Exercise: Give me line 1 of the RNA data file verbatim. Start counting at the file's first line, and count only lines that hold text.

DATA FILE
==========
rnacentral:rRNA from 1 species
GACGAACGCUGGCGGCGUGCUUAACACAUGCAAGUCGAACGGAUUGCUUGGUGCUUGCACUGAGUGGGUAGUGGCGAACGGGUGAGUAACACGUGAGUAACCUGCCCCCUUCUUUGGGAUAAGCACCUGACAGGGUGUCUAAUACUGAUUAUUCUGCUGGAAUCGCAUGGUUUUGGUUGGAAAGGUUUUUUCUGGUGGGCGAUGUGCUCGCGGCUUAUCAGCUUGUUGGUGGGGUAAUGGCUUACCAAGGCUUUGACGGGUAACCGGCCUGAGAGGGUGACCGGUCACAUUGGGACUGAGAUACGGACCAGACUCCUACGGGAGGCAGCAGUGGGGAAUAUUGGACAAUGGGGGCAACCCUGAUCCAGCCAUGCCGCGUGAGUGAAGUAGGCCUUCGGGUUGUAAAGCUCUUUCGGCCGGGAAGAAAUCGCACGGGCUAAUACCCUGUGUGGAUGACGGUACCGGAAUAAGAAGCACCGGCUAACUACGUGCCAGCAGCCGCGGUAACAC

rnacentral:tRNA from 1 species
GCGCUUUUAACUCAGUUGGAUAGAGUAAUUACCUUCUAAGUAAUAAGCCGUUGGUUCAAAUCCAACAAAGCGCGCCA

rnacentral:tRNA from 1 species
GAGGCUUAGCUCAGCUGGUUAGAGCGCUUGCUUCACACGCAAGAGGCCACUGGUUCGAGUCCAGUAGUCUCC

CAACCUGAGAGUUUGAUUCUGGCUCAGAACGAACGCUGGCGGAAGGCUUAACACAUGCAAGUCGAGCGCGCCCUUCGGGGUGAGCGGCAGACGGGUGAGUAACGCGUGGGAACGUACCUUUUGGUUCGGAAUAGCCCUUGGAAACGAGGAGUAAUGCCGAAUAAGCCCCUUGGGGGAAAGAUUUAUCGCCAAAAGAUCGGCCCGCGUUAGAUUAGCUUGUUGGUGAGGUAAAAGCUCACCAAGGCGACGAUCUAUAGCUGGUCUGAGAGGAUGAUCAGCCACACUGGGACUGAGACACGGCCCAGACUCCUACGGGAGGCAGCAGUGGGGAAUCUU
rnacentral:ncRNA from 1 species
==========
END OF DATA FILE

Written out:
rnacentral:rRNA from 1 species